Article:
Functional starters and alternators can be refurbished or rebuilt; all we (well, our partners) need to do is disassemble them, thoroughly clean them, replace any worn bits, bobs and bearings, and then reassemble them. They can then be sold on the second-hand market.

If they’re too worn or damaged to repair, we can salvage them for raw materials like copper, aluminium and steel.

Electrical components

Modern vehicles are an absolute treasure trove of valuable electrical components. You can remove one or two of these components and sell them yourself if you have the know-how to do it safely. We try to salvage:

  • Radios and entertainment systems
  • Speakers and sound systems
  • Engine control units
  • Dashboard video panels
  • Rear-view cameras
  • Small electric motors
  • Sensors and relays
  • Lights and light assemblies
  • Air conditioning units
A car’s dashboard screen displays the rear view camera. These screens can be removed and recycled.

Motor oil and oil filters

People typically don’t scrap cars that’ve just had a fresh oil change. But even old engine oil can be salvaged and put to good use.

Old motor oil is contaminated with heavy metals and poisons, so the first thing recyclers do is test batches of oil for purity. Each batch’s contamination level determines how it’s recycled. 

Recycling engine oil is quite an intensive process. The oil needs to be dehydrated to remove any water. Then, it needs to be filtered and demineralised to remove those heavy metals and poisons. Once it’s been refined, it needs to be re-refined into usable products, which include new engine oil, industrial burner fuel and various petroleum-based products.


Car windows and windshields are great for recyclers. However, safely removing them without damaging them is quite a challenge and is typically beyond the capabilities of a non-specialist.

Automotive glass is specially treated to improve its safety value. Windshields use shatterproof safety glass, which is a film of plastic clamped between two layers of glass. Windows and other glass components are made of tempered glass which shatters into small pieces rather than large lacerating blades.

If your vehicle’s windshields and windows are intact, they can be resold and used second-hand. If they aren’t, they can be sold to glass recyclers, who can separate glass from plastic and then crush it into cullet (ground-up glass). The cullet can then be used to manufacture glass products or even mixed into asphalt to pave roads.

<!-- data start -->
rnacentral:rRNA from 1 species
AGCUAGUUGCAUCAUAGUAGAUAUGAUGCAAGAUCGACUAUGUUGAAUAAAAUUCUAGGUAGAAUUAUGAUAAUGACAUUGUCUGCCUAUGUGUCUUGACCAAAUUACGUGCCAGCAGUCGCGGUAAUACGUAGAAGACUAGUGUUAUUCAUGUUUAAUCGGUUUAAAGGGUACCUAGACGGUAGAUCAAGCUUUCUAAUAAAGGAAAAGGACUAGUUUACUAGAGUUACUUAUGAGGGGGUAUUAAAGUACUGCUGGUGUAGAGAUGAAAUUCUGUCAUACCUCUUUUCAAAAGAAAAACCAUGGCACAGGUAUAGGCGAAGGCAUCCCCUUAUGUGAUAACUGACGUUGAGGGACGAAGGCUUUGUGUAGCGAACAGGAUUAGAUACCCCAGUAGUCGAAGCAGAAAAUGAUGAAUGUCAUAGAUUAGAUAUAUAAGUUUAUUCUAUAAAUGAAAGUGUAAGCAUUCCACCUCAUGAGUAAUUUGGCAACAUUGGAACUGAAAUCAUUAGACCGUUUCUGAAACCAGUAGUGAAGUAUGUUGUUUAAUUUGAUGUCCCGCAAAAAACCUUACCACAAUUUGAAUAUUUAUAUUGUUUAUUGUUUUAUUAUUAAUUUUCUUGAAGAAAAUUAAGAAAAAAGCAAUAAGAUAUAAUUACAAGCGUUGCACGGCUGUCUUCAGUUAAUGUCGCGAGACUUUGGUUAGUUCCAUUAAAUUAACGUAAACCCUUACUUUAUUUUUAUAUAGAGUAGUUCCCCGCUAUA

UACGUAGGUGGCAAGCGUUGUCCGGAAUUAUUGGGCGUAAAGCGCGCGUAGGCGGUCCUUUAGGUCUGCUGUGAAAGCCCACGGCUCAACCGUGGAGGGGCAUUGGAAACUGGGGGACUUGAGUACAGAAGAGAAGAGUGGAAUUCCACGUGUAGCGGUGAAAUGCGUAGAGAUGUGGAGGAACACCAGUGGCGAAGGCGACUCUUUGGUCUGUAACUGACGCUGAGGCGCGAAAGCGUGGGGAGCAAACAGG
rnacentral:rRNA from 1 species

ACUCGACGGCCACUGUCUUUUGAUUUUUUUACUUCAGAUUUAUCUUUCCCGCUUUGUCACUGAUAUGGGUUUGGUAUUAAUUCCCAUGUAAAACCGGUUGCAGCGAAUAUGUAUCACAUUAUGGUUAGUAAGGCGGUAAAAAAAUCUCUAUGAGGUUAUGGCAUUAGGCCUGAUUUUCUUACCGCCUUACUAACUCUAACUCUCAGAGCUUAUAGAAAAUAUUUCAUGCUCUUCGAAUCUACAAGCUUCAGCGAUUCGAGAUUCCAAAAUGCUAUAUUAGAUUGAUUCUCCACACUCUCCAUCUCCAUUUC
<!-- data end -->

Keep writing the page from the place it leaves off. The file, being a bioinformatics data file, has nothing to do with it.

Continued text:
Scrap metal and plastic

Once we’ve stripped car bodies down to their bones, what’s left to do but recycle the bones?

Selling scrap metal and plastic isn’t just about hawking hunks of old cars. Professional salvagers need to break vehicles down into plastics, ferrous metals (which include iron and iron alloys like steel), and non-ferrous metals (which aren’t iron alloys, like aluminium, titanium, steel, nickel, and lead).

These materials are shredded, sorted, melted, purified, compounded, and manufactured into new products such as automotive parts and white goods.

Bald car tyres, like the ones in this image, can be recycled into other products.

How to make the most money from recycling car parts

As a salvager, we can tell you that effectively recycling and upcycling car parts is mainly about selling these components to specialists with the industrial pipeline in place to extract value from scrap.

If you’ve got a wrecked or unwanted car to scrap, you may be able to remove and sell off individual components. But that’s a chore and it needs to be done safely to avoid injury, not to mention damage to the component. 

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Whether you want to buy or sell salvage vehicles, we are here to help. Get in touch and we will get back to you soon with the information you need.